Resident supports bond because of charter school
After following the continuing disputes between the Los Altos School District and Bullis Charter School, culminating in children being locked out of school, I must speak for hundreds who are tired of this soap opera.
Being affiliated with neither, my personal observation is that Bullis Charter School is one of the most successful charter schools in history.
We are incredibly fortunate to have this dynamic, creative educational force in our midst. Because a well-educated society is a benefit to all, I would have absolutely zero problems supporting a bond to benefit the charter school.
District officials demonstrate brazen impudence in attempting to impose policy on the charter school under the guise of facilities negotiations. That is blackmail.
Time and again, the district has fallen on its face in court. This circus has to stop. Kudos to Los Altos Hills Mayor Gary Waldeck for bringing sanity to this discussion.
It would behoove the district board to show some humility and learn a thing or two from the charter school, which, frankly, has done a far better job of educating children.
Los Altos Hills
Local tap water isn’t safe for everyone
I must respond to the advice given by a Palo Alto Medical Foundation physician, Dr. Amy E. Gilliam (“Getting the red out: How to manage your child’s eczema,” Sept. 18), who recommended various medications and treatments.
Those of us who are made sick by our tap water recommend first trying spring water.
I recall some years ago the Town Crier had a front-page article with a photo of a young man with debilitating eczema living in Los Altos Hills. The article mentioned a group, Citizens Concerned About Chloramine, which had formed because others in the area had gotten eczema from the local tap water after chloramine was added. Others had asthma attacks if they took a shower. Some people have gastrointestinal problems if they drink or cook with tap water. Some must avoid swimming pools.
Before starting medicines, for a month try drinking, bathing and handwashing only with bottled water, which is spring water without chloramine. Note that not all bottled water is without chloramine. I do not know which brands to recommend, except I know that Arrowhead Springs, Crystal Geyser and Calaveras Springs work for me.
For bathing, I add vitamin C to my hot tub water and have devised an outdoor shower using that. Dining out, I ask for lemon to squeeze into my glass of water, and I avoid soup, rice, pasta and steamed or boiled vegetables, which absorb the chloramine of the cooking water. At home, I cook with and drink only water that has no chloramine.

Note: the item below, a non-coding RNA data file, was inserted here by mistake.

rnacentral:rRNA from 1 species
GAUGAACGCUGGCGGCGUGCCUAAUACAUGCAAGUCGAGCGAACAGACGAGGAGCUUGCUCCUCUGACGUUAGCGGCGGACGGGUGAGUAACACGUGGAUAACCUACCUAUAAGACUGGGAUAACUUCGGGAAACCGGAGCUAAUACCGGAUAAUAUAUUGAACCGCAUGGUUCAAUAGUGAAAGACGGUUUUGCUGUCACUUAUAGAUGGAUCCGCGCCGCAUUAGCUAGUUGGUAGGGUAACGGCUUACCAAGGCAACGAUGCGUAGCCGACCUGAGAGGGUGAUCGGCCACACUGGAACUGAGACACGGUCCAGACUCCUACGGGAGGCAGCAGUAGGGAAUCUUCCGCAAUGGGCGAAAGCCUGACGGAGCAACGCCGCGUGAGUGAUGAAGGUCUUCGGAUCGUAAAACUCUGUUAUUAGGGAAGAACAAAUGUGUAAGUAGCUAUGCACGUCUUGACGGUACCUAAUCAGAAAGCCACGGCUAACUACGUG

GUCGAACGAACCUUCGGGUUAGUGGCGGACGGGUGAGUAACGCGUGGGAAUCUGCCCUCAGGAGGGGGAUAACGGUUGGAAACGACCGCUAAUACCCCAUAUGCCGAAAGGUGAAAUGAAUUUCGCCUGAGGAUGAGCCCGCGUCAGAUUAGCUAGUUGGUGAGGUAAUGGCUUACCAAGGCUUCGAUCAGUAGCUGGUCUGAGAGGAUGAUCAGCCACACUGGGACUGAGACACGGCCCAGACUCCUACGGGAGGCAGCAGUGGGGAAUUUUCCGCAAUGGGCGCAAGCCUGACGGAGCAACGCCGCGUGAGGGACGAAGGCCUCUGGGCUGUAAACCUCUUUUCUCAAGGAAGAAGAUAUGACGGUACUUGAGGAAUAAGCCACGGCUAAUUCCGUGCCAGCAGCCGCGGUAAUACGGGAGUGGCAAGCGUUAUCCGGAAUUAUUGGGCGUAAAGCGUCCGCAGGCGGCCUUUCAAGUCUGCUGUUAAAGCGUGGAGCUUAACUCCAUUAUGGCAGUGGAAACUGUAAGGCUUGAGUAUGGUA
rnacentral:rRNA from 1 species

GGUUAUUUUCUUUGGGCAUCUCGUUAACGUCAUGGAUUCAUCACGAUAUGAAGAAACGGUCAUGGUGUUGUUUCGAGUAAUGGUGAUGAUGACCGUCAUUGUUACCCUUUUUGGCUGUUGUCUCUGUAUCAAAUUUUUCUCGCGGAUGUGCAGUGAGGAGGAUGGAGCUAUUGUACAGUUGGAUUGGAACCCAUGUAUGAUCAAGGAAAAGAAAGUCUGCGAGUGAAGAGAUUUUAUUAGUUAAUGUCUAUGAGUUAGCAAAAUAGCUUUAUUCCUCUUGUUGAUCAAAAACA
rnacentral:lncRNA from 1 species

All this involves some effort, but it is far less trouble than having asthma, eczema and gastrointestinal problems.
It is hard to believe that public tap water is toxic in the U.S. We hear from Cal Water of Los Altos and San Francisco’s Hetch Hetchy water sellers to Los Altos Hills that our tap water is fine for people. But there have been no scientific studies proving that chloramine is safe to add to public water.
A call for a carbon tax
Last Friday, the United Nations’ Intergovernmental Panel on Climate Change released its Fifth Assessment Report, further solidifying the science of climate change and calling for action.
“The scientific evidence for anthropogenic climate change has strengthened year by year, leaving fewer uncertainties about the serious consequences of inaction,” according to the report.
While it may seem like a global or national issue beyond the scope of Los Altos, consider that the Los Altos City Council is actively working to complete the city’s Climate Action Plan. The council and most residents understand the global impacts of our local decisions.
Most people recognize the seriousness of the problem and do what they can in their own lives but worry that there is no good way to tackle the global issue.
Fortunately, there is a simple suggestion being proposed that really could help: a carbon tax. If we add a fee at the point where carbon-based fuels come out of the ground (or enter the country) that reflects the true cost of burning those fuels (environmental damage, health effects, etc.), then everyone downstream will make choices that move us toward a sustainable energy economy and prevent the full ravages of climate change. The time to enact this is now.